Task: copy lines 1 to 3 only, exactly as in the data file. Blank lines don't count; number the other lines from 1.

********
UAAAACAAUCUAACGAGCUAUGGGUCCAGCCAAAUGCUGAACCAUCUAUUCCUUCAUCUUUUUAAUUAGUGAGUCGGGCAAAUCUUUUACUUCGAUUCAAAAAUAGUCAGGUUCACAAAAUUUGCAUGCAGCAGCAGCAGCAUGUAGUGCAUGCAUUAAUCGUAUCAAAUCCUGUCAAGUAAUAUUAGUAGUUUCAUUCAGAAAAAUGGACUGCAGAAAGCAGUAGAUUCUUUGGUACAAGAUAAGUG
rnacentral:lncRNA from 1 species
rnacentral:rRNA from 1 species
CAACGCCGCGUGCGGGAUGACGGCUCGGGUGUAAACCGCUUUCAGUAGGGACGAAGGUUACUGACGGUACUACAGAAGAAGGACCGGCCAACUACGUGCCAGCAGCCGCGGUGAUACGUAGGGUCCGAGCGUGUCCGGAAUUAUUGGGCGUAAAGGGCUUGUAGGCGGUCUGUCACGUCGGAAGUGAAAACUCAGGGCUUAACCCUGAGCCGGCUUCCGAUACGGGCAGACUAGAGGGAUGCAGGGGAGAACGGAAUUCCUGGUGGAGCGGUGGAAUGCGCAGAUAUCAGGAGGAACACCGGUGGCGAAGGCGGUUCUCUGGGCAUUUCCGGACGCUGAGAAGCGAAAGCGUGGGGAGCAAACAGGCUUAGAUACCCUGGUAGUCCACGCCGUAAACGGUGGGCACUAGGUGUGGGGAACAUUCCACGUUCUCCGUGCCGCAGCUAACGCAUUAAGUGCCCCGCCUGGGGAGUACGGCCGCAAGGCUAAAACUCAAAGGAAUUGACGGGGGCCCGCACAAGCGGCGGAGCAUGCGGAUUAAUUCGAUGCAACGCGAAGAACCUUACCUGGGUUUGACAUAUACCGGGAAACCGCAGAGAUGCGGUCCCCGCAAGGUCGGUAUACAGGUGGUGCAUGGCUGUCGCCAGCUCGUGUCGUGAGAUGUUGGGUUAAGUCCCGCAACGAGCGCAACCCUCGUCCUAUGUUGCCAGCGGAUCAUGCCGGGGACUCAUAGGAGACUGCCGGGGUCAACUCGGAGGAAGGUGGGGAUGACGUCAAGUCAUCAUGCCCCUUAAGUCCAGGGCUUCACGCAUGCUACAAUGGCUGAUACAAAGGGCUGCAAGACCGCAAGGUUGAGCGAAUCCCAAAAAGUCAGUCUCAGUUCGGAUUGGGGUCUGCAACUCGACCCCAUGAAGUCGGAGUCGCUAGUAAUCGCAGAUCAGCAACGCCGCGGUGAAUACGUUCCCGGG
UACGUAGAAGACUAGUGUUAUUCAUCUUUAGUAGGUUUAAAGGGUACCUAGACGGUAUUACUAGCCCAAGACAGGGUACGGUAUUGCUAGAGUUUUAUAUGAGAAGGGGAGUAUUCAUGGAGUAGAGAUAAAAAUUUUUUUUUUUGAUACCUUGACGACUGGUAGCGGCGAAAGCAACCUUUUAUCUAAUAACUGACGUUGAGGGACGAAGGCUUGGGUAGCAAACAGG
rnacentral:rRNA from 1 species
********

UAAAACAAUCUAACGAGCUAUGGGUCCAGCCAAAUGCUGAACCAUCUAUUCCUUCAUCUUUUUAAUUAGUGAGUCGGGCAAAUCUUUUACUUCGAUUCAAAAAUAGUCAGGUUCACAAAAUUUGCAUGCAGCAGCAGCAGCAUGUAGUGCAUGCAUUAAUCGUAUCAAAUCCUGUCAAGUAAUAUUAGUAGUUUCAUUCAGAAAAAUGGACUGCAGAAAGCAGUAGAUUCUUUGGUACAAGAUAAGUG
rnacentral:lncRNA from 1 species
rnacentral:rRNA from 1 species